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Canada's Railway System

Canada's Railway System image
Parent Issue
Public Domain
OCR Text

In Canada about one-teutli of the mileage of about 15,000 miles is owned and controlled and operated by the government. For the year 1892 the operation of the governruent lines resulted in a loss of over $600,01,0. At the present date by far the larger portion (about (ive-sixths) of the French railway system U operated by private cotnpanies, each compauy serving a deflnite territory and being coniparatively free froui the competition of otber Unes. But the railroad properties are ultimately to become the property of the government. This system is a mixed one of state and private ownership. In Germany nearly 90 per cent. of the railway mileage i.s owned by the overnment. Uuder the law the government is required to manage the rail ways in the interest of general trafile on a single system. It may cause the construction and tquipment of roads, and enforce uniform traffic and pólice regulations. Iu Great Britain and Ireland the government does not own the railways. There are stringent regulations provided by law and administered by the railway commission and board of trade. Itaiy has tried both state and private railroads, and has come to the conclusión that it is not advrintageous to own and opérate the railways. The result was a reorganizaron of the whole railway systema. Uuder the present system private cornpanies opérate the state roada under contract with the government. In Russia the governm&nt is stated to own and opérate about 40 per cent. of tbe railway mileage. Nearly all of the railways owned by private conipanies have received subsidies from the governruent. It is stated that iu the United States several of the states have tned ownership in a limited way. Illinois constructed a road at a cost of $1,000,00), but dispo.-sed of it íor 8100,000, Indiana had a similar experience; Georgia owus a railroad, but found it expedient to lease it to a private company; Penusylvania constructed a railroad from Puiladelplna to Columbia, but subaequeatly sold it; Massachusetts, Michigan and several other states tried the experiment without succöss. The inter-state couiruerce commission disclaims any original investigation on subject, the report being compiled from existiug sources of iiiformation.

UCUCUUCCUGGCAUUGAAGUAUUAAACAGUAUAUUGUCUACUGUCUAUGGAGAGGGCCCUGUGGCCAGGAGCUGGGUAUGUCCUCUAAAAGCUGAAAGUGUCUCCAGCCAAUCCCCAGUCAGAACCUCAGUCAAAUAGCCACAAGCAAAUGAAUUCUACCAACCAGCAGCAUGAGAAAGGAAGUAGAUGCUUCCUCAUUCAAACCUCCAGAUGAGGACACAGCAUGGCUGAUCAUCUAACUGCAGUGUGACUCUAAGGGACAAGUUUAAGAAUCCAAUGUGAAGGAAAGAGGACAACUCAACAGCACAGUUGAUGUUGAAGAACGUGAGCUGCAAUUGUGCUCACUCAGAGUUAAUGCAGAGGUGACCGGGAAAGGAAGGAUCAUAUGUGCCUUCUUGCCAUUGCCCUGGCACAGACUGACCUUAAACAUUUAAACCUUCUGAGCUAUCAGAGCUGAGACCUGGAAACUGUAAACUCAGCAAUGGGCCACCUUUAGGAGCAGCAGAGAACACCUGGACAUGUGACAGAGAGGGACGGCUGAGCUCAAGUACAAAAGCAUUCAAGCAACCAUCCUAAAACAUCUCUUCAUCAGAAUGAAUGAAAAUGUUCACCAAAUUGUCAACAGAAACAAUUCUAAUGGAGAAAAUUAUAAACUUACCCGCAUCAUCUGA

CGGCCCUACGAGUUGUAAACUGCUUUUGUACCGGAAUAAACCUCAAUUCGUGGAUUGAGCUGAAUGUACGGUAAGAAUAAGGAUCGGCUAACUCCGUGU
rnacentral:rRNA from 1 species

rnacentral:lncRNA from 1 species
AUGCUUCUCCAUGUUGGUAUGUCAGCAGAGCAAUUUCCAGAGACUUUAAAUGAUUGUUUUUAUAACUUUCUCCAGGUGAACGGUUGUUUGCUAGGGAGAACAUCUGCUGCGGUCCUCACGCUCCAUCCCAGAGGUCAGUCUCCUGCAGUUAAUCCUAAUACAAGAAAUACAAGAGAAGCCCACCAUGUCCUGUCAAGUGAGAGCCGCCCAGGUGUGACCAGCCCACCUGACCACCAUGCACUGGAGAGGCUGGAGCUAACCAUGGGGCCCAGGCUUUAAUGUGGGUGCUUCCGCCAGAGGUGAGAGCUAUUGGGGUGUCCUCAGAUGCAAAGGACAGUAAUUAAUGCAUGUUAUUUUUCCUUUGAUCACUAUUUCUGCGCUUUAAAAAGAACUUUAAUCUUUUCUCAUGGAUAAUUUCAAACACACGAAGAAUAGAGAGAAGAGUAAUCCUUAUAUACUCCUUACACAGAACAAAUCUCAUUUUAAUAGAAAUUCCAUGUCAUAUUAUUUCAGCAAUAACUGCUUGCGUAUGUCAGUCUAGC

Ann Arbor Argus
Old News